Alfredo Aceves' Tough Season

Arlington, TX, USA; Boston Red Sox relief pitcher Alfredo Aceves (91) throws to the Texas Rangers in the eighth inning at Rangers Ballpark in Arlington. The Red Sox won beating the Ranges 2-1. Mandatory Credit: Jim Cowsert-US PRESSWIRE

Alfredo Aceves has been excellent in 2012. Alfredo Aceves has also been awful this year. He's blown more saves than anyone else, and while some of those appearances gone awry have had a lot to do with inheriting too many runners, there have been plenty of occasions where the damage was all on Aceves. The right-hander has allowed 32 runs on the year, with more than half of those coming in just four appearances: five runs against the Yankees on April 21, five against the Angels just last week, four against the Twins on August 4, and three to the Tigers back on April 8, in the season's second contest.

Aceves has lost eight games, and while those might not be all on him, as the guy who comes in late in the game to close things out, there's more of those Ls on him than you can say for a starting pitcher, who is a bit more reliant on his offense to provide support. Aceves, on the other hand, is entering a game at its nearly completed state, and as such is doing his job if he's not racking up decisions.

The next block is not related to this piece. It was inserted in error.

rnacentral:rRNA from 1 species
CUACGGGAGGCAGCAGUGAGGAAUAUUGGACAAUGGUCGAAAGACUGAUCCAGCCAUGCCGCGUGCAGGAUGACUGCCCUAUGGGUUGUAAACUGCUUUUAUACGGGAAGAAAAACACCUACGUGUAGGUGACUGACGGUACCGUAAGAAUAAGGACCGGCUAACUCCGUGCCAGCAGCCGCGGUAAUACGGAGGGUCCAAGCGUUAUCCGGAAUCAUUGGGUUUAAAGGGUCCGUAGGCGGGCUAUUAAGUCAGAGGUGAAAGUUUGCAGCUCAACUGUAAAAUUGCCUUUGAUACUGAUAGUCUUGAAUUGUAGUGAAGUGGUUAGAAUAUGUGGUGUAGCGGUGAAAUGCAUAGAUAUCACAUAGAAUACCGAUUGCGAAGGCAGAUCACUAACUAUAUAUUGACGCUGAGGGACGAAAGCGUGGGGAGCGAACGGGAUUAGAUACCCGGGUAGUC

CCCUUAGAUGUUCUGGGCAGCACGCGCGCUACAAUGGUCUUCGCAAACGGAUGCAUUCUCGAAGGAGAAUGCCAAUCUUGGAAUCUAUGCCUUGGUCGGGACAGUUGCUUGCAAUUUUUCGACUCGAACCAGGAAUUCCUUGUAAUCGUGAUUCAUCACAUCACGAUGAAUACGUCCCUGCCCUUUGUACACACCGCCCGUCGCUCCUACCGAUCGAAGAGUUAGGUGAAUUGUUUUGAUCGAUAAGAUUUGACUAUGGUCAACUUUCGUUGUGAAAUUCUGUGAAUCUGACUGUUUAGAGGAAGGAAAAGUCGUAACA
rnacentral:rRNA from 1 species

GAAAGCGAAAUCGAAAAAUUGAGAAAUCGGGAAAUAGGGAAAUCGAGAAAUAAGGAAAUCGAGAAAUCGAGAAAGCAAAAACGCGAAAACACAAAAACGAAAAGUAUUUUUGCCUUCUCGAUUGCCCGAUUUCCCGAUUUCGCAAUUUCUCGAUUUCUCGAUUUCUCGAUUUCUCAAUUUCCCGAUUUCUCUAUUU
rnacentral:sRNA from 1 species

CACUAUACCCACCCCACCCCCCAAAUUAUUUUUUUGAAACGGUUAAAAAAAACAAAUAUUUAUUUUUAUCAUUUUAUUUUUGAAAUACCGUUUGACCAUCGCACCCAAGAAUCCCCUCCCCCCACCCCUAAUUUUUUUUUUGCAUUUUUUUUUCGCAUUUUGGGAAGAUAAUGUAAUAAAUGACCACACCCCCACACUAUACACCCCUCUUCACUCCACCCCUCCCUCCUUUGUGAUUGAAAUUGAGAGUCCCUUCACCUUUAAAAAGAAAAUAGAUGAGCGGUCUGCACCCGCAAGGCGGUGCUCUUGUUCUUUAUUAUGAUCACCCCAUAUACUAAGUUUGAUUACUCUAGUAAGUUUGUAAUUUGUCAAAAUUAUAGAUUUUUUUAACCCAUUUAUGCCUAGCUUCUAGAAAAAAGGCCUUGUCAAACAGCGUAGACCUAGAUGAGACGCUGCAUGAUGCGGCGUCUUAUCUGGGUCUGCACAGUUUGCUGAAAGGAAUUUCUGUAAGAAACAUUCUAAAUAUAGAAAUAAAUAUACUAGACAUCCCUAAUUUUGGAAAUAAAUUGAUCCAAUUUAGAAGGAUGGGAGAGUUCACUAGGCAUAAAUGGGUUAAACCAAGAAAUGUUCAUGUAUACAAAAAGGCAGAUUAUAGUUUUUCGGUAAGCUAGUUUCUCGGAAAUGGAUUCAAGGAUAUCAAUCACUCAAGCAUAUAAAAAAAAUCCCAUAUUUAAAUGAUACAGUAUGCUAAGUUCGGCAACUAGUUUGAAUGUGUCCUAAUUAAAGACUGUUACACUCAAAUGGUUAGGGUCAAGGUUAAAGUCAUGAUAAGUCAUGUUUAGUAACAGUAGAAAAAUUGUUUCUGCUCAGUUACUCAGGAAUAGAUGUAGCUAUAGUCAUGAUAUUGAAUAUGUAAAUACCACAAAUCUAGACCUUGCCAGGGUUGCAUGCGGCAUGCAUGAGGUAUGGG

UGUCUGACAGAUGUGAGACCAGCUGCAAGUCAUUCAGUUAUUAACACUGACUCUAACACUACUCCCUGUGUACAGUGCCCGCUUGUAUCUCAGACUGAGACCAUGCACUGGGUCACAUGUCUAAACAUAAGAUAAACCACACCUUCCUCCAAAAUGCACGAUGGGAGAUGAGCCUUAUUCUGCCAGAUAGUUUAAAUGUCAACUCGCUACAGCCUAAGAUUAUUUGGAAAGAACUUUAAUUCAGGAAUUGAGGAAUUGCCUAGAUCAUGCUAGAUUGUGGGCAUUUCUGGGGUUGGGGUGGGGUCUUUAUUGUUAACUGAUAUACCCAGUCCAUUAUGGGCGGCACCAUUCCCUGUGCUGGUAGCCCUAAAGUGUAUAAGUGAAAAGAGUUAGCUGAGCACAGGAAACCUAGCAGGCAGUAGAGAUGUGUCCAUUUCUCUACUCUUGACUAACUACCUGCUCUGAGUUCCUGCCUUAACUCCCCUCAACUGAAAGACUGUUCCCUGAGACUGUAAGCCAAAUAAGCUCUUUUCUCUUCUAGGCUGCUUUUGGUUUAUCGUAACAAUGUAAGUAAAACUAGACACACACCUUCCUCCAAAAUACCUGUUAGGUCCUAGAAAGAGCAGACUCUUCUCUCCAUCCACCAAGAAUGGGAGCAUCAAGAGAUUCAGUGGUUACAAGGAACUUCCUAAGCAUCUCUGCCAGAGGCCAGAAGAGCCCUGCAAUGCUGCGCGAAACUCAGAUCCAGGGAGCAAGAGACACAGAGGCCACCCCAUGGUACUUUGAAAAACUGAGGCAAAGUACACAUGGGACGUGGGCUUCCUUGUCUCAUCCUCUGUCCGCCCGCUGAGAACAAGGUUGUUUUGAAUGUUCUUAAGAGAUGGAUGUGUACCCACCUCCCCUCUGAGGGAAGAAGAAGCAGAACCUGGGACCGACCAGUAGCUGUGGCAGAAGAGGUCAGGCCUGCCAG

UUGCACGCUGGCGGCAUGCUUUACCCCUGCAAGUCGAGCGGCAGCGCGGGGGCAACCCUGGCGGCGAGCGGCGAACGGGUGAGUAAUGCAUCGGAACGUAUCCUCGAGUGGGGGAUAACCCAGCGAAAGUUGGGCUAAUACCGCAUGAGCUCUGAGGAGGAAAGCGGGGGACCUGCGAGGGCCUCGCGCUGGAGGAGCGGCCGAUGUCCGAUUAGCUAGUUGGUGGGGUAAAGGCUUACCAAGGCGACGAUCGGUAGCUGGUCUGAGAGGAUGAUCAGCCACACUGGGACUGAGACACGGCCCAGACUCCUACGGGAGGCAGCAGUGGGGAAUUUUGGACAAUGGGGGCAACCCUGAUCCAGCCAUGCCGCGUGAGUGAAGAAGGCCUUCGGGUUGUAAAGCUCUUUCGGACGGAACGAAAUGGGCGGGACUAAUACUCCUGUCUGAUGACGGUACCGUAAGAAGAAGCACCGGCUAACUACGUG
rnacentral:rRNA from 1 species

Let's not boil his season down to wins, losses, and blown saves, though. While Aceves has been terrible when he's been off, between those 17 runs in four contests and another four appearances with two runs allowed, Aceves has also had stretches where he's been flat-out awesome. From April 23 through July 29, Aceves threw 50 innings in 43 games, holding opponents to a .205/.273/.284 line with a 2.9 K/BB and just three homers allowed. For this, he posted a 2.34 ERA, besting the work from his impressive 2011 in this stretch.

August has been rough like April was, though, with Aceves posting a 10.34 ERA this month thanks to four homers and 11 earned runs in under 10 innings. Stretches like this make it difficult to rely on him as the closer, and since there have now been two of them rather than just the one, it's fair to start wondering if this is the role for him.